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Most women are not aware about the potential risks of reconstructive breast surgery iStock

For many women diagnosed with breast cancer, first-line treatment usually amounts to a removal of the breast – or mastectomy.

Reconstructive surgery is possible and can be a way to improve these women's quality of life and body image. However, such a procedure carries risks, which are not always well understood by patients.

In a new study published in the journal JAMA Surgery, scientists show that 43% of women will not make a well-informed decision when it comes to breast reconstruction.

"Previous studies had already suggested some problems with decision making. Rates of reconstruction vary enormously depending on where you live, your age and ethnic group, all of which suggests that patients and surgeons may not be making the choice based on what women prefer but based on other factors", study lead investigator Clara Lee, breast reconstructive surgeon at Ohio State University Comprehensive Cancer Center, told IBTimes UK.

Knowing the risks

With her team, Lee enrolled 126 women diagnosed with breast cancer, who were about to undergo mastectomy. The participants were asked to respond to a survey with questions about their demographics, their knowledge regarding breast reconstruction, their preferences and their body image.

Only 43% of the participants showed an understanding of at least half of the important facts about reconstruction and made a choice that was consistent with their preferences.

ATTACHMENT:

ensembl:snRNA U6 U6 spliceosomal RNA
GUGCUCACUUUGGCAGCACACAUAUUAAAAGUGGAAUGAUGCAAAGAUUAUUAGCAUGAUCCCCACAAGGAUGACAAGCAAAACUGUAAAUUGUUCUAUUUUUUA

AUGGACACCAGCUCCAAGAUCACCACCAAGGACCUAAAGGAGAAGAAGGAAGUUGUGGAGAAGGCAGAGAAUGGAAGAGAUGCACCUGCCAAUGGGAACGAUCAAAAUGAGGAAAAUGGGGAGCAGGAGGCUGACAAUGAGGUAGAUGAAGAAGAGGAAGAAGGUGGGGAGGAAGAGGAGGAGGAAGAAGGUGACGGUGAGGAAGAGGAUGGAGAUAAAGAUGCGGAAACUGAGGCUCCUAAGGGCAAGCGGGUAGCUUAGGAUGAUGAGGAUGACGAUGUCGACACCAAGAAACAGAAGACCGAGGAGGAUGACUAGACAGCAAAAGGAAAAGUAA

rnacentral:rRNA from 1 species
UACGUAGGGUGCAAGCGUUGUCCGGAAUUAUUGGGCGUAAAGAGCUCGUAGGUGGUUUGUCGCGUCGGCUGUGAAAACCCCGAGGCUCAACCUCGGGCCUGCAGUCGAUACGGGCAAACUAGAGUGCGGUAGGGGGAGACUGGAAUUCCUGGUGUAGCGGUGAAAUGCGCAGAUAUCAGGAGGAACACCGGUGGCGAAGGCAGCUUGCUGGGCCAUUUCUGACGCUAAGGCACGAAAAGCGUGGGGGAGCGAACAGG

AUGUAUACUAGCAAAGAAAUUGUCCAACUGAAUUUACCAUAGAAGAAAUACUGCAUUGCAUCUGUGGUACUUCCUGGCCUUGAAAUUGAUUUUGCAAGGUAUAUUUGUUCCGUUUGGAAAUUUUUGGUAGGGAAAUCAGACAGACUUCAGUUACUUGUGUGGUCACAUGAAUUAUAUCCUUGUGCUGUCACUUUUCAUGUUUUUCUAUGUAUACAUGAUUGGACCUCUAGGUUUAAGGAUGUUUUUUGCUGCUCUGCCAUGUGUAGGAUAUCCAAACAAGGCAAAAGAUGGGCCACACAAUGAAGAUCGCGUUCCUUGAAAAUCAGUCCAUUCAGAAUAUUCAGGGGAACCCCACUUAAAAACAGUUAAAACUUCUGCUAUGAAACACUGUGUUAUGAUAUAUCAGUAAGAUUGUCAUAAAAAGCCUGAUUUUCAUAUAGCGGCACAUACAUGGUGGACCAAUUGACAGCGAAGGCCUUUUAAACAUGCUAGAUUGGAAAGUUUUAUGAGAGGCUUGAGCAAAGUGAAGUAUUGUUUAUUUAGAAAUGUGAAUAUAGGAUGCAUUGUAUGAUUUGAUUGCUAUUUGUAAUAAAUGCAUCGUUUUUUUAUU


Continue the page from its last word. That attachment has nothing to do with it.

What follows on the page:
Furthermore, women's understanding of surgical complications appeared to be particularly low, with only about 14% of patients showing they had a strong knowledge of associated risks.

These results suggest that decisions about breast reconstruction after mastectomy could be improved – but uncertainties remain about how this can be done.

"Patients can choose to inform themselves as much as possible but it is not always clear what information is reliable and what is not. Ultimately the responsibility for making sure patients make informed decisions rests on surgeons and clinicians who work with these women", Lee pointed out.

"On the other hand there is only so much time in a consultation. So it's important to also use decision aids – such as video or paper documentation – that improve knowledge but also encourage women to think about what is important for them and what questions they should raise with their doctors".

Making sure women access the psychological support they need – regardless of whether they choose the path of breast reconstruction or if they prefer to wear a prosthesis – is crucial.

"For some women breast reconstruction is going to be very important to boost their body image but other women are fine with wearing a prosthesis and they should be supported in this decision. More and more clinics are emphasising the survivorship aspect of breast cancer and offering psychological aspect - this is a positive development", Lee concluded.